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WEA gets behind 'learning age' paper;FE Focus

The Government must redistribute funds from research into higher education teaching and break down institutional barriers to achieve the "learning age" as outlined in its Green Paper, says the Workers' Educational Association.

In its response to the paper, the association warmly welcomed the "inclusivity" of the document as it recognised the value voluntary and community organisations made to lifelong learning.

As the major voluntary provider of adult education in the country, the WEA also endorsed the findings of the Fryer report, Learning in the Twenty-First Century, which informed the Government's thinking. The report highlighted the barriers facing many learners - lack of confidence, tutorial and personal support, as well financial difficulties.

Mel Doyle, WEA deputy general secretary, said the paper was a step in the right direction - but institutional barriers could not be allowed to belittle the objectives of developing a learning society.

"It is unlikely that there will be substantial additional resources to realise the learning age. If that's the case it will require a redistribution of existing ones, which means we come up against the institutional players in further and higher education," he said.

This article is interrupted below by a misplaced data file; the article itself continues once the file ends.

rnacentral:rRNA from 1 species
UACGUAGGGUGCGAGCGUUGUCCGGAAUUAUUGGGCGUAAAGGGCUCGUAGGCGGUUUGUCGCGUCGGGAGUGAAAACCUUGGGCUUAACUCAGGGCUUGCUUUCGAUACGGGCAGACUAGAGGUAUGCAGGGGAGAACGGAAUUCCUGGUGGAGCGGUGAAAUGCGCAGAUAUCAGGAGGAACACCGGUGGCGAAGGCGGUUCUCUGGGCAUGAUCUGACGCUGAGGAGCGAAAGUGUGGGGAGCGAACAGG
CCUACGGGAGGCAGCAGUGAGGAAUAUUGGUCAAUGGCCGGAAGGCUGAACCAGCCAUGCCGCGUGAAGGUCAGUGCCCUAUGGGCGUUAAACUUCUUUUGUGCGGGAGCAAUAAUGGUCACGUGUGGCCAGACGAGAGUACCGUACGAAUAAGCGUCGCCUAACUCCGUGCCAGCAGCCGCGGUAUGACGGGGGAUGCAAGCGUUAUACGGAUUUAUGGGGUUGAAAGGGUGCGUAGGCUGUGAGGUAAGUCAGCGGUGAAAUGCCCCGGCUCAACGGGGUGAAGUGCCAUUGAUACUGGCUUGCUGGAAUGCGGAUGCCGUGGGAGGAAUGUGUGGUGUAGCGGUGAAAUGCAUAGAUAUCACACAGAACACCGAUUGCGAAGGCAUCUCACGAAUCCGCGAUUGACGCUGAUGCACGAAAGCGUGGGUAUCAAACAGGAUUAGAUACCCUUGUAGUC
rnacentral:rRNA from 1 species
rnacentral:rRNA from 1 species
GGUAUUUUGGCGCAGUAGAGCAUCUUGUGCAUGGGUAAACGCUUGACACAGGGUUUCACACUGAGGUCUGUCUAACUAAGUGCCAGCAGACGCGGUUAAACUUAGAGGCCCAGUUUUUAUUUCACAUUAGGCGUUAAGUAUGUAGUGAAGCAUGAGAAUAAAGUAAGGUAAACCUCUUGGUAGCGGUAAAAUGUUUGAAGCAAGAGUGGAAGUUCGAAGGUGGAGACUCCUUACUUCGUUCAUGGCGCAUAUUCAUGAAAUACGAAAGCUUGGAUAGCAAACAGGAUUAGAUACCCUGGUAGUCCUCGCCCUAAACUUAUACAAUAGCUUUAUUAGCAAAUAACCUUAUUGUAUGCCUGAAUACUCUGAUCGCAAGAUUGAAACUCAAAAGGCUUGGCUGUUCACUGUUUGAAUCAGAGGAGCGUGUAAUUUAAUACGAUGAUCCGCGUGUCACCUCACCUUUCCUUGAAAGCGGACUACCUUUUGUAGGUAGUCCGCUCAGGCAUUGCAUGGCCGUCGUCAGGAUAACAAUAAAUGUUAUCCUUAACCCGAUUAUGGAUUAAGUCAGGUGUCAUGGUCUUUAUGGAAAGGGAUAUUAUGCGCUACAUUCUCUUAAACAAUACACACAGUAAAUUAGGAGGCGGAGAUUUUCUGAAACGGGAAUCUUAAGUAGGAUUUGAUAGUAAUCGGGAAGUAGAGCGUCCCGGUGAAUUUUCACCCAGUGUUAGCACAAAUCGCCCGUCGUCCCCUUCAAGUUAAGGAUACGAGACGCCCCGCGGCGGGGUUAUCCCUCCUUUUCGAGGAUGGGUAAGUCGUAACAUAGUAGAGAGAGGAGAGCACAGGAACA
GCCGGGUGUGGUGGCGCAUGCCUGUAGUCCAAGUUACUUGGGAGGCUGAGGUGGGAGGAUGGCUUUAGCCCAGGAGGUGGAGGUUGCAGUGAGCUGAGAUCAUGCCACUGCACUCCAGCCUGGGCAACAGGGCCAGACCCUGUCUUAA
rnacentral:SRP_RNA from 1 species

However, he applauded the vision Education Secretary David Blunkett has of lifelong learning as it meant he recognised there were key issues other than narrowly-based vocational training.

The association's response cites examples of the WEA's good practice - such as "learning pathways" to help students progress to other educational programmes -and how the WEA has targeted specific groups such as women, unemployed people, ethnic minorities and rural communities, to help them return to learn.

In Sheffield, a Somali education project had run courses on counselling, dressmaking, computing and childcare, some of which were accredited through the South Yorkshire Open College. A joint project with the union, UNISON, targeted full and part-time workers in the public sector on low incomes.

The key characteristics of the WEA's approach which emerge from the case studies include a strong base in local communities; effective partnerships with education, health and social service departments; outreach work; flexible approaches to learning and the involvement of learners in planning their courses.

The association has more than 700 branches in 14 districts, reaching some 110,000 adults a year who take part in 10,000 courses.

'Breaking down the barriers', free from the Workers' Educational Association, Temple House, 17 Victoria Park Square, London E2 9PB

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